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CVC’s tourism services on the ropes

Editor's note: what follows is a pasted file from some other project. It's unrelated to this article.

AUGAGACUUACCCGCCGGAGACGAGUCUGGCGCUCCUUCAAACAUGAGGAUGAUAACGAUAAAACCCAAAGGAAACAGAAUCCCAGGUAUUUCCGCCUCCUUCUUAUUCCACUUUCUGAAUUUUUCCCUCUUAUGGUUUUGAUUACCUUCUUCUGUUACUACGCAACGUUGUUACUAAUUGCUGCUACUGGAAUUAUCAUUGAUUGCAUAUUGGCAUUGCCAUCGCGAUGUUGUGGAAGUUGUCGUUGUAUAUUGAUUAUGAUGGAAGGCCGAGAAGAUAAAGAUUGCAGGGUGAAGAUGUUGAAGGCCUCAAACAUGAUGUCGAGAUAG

Geoff Helisma Back in July of 2014, Clarence Valley Council (CVC) began reorganising the way it managed tourism and visitor services; at next month’s council meeting councillors will consider whether or not CVC continues to manage those services at all. At last week’s council meeting, Cr Andrew Baker gained the support of councillors Simmons, Baker, Clancy, Novak, Williamson and Lysaught, to temporarily cease any liaison with the Clarence Valley Tourism & Hospitality Cluster (an informal business roundtable), pending Cr Baker bringing “a notice of motion [NOM] to the December 2017 meeting to deal with council’s tourism promotion activities”. In 2014, CVC began transitioning to digital delivery of tourism services, putting an end to the Clarence River Tourism Association and the human interface it provided to the region’s visitors. Part of the process included forming a tourism advisory committee, however, that officially ceased at last week’s council meeting due to lack of interest from the valley’s tourism business operators. “I intend to bring a notice of motion that council manage an exit from the business of tourism promotion,” Cr Baker told the Independent after the council meeting. “It’s a long running provocation where I’ve questioned seriously [and] strongly challenged whether CVC should be involved in economic development and tourism promotion activities at the expense of the general ratepayer.” Despite his scepticism about CVC’s administration of tourism services, Cr Baker said he was prepared to “be completely open minded” regarding arguments for “remaining in tourism promotion”. “But given the lack of interest from tourism industry and the current economic boom in the valley, it seems to be a good time to cease council’s spend on the tourism promotion industry,” he said. But it’s not necessarily about saving money; not yet, anyway. Former general manager Scott Greensill redirected the proposed savings flagged in the 2014 Stafford Group report into restructuring tourism ($639,690 by June 2018), towards “other tourism activities”. The council now says it will make savings of $528,536 over the next three years (by 2020/21). Councillor Baker is questioning CVC’s spend on promoting the valley, including its support of “external activities” such as its sponsorship of sports tourism events. “What I hear from people in the tourism industry, is that they don’t want CVC doing advertising and promoting,” he said. “They want the local everyday things like the public toilets at Yamba cleaned more regularly, right through to the Grafton riverside walk – [the transition has been] long in planning and short in execution.” Councillors at last week’s meeting, however, were cautious with their support for Cr Baker’s motion, most adopting a wait and see attitude. “My support goes no further than today,” Cr Williamson said. Councillor Kingsley, who voted against the motion, “reserved” his judgement until he sees Cr Baker’s NOM “next month”. Cr Novak said it was a “good opportunity to shine a light” on CVC’s tourism operations. Councillor Ellem, who voted against the motion, said he was “still prepared to give the [digital model] some time to see how successful can be”. However, he said he was “less than impressed with some tourism events trying to lure [people] to valley through sports marketing”. Cr Toms was absent.